After RRT activation, about 30% of patients were moved to the ICU for further treatment (Table 2). The survival rate after RRT activation was 83.6%, and 6.3% of patients required endotracheal intubation. The median hospital stay after RRT activation was 12.0 days (IQR, 6.0 to 25.5 days). The survival group showed a significantly lower intubation rate (P = 0.019) and longer hospital stay after activation (P = 0.008). Shorter hospital stay after activation in the expired group compared with survival group was due to early death after RRT activation. The phone-activated group showed a significantly higher rate of ICU admissions (P = 0.017) and longer hospital stay (P = 0.022) after RRT activation compared to the screening group.

Outcome after RRT activation

4) Clinical parameters associated with survival

On univariate logistic regression analysis, malignancy, a postoperative status, MEWS, APACHE-II score, number of days between admission and activation, and intubation were significantly associated with survival (P < 0.001, P = 0.029, P < 0.001, P < 0.001, P < 0.001, and P = 0.012, respectively) (Table 3). In multivariate logistic regression analysis, malignancy, APACHE-II score, and number of days between admission and activation were the clinical parameters found to be significantly associated with survival (P < 0.001, P = 0.009, and P = 0.001, respectively), with an OR of 7.47 (95% CI, 3.00 to 20.53), 1.10 (95% CI, 1.03 to 1.19), and 1.04 (95% CI, 1.02 to 1.07), respectively.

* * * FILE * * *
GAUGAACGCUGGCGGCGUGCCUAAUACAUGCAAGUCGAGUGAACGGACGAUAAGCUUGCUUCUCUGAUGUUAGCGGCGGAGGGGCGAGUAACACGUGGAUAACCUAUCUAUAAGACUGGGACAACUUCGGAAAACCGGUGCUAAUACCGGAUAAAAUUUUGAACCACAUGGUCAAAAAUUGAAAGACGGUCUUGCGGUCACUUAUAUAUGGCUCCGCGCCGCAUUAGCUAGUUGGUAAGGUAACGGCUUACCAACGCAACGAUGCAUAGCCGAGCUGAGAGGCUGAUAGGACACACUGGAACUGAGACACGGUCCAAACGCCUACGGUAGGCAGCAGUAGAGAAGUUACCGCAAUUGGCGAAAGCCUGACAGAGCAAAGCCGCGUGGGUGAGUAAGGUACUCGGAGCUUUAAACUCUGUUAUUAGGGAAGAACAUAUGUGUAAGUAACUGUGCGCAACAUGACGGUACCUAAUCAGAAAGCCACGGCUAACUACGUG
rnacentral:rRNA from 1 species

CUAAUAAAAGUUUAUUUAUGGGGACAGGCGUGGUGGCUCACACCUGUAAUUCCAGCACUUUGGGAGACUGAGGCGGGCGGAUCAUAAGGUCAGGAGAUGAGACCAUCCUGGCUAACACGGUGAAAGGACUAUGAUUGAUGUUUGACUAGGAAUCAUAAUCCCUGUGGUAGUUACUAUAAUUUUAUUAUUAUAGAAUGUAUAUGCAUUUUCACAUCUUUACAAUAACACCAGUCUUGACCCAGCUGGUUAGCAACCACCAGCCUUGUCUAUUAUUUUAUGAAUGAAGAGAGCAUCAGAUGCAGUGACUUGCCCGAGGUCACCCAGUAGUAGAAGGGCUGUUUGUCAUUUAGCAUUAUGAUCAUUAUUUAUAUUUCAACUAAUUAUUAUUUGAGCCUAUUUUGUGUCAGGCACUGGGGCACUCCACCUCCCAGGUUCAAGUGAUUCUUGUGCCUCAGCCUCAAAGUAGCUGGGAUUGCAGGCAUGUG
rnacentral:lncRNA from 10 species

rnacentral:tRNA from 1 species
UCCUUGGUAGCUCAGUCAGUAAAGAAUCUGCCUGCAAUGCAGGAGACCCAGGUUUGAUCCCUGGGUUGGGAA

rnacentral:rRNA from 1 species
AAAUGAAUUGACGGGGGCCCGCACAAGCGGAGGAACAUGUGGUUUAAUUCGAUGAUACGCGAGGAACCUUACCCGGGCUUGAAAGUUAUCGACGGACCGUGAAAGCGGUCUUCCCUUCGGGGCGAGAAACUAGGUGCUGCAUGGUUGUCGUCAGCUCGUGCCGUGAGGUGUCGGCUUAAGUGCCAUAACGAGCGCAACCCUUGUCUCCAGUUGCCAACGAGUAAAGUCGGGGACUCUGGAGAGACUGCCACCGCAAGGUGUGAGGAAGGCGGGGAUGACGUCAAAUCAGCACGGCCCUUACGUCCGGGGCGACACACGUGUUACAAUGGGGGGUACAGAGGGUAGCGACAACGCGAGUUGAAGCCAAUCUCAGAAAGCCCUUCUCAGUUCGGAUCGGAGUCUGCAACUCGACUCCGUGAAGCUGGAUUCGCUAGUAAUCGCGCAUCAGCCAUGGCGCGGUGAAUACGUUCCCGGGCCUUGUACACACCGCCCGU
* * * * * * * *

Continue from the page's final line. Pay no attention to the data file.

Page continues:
Clinical parameters associated with survival

Discussion

In this study, we retrospectively analyzed the RRT activation records of a single tertiary medical center. Over the course of 3.5 years, there were 287 RRT activations by both phone and screening. In our medical center, around 70% of RRT activations were for postoperative patients. After RRT activation, the survival rate of patients was 83.6%, and approximately 30% of patients were moved to the ICU for further treatment. The presence of malignancy was the most important factor in survival. In addition, RRT activation with screening showed a favorable outcome compared with RRT activation by phone.